1. Long ago - I believe it was Saar - carefully studied what information was available on true FICO scoring. As I remember, 5 or less revolving accounts (including 1 retail in the 5) + 1 installment loan provided optimum FICO scoring "POTENTIAL". I tend to accept this for a number of reasons that I won't go into here.

    2. I will only discuss Experian not EQ or TU because I have actually had the opportunity to see my "true EX credit score" at various times at the Credit Union. My score is in the 700's with 16 open revolving accounts and 1 installment loan. Of the 16 only 13 are actually open. 3 are closed but show open. I have not disputed the 3 as closed because they are old tradelines going back to the 80's. Next year, I plan to start trimming accounts to be more in alignment with the FICO model and because I have too much credit. I will trim new accounts that have aged past one year. BTW EX does not show my BK or any negative accounts - ( Another story).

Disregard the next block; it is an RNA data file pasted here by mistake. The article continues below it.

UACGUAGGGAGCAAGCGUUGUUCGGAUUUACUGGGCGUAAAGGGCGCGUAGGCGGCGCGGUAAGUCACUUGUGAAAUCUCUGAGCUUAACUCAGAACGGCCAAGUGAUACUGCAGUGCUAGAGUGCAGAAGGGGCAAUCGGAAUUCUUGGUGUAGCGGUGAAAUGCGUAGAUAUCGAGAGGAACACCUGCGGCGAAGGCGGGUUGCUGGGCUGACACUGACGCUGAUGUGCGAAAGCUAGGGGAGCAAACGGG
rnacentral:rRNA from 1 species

3. The issue that I have never seen addressed is - How much does it help you to have only the recommended 5 + 1 accounts. My humble opinion is not much in the way of points. When I bought my Ford Explorer the month I was discharged from my Chap 7 BK at 2.9% apr. - The Ford credit manager exclaimed positively over all those paid off and closed accounts showing on my credit file. My credit score was 530. If I had followed the 5+1 suggestion in prior years, I would have had far fewer closed positive tradelines to present to the Credit Mgr. I think that condition and age of accounts matter much more in the FICO scoring process. The 5+ 1 matter is probably one of the forty factors rumored to make up a FICO score. I have deliberately brought my account number to a high level temporarily in order to have a high number of closed accounts in good standing for years to come.

    4. As a side issue - next year I go house hunting. I have to deal with a trimerge credit report that will show my BK. Bad news for me. 15 open accounts might look excessive to a lender even with 20% down. 10 or 11 are no problem. Been there before when I bought homes.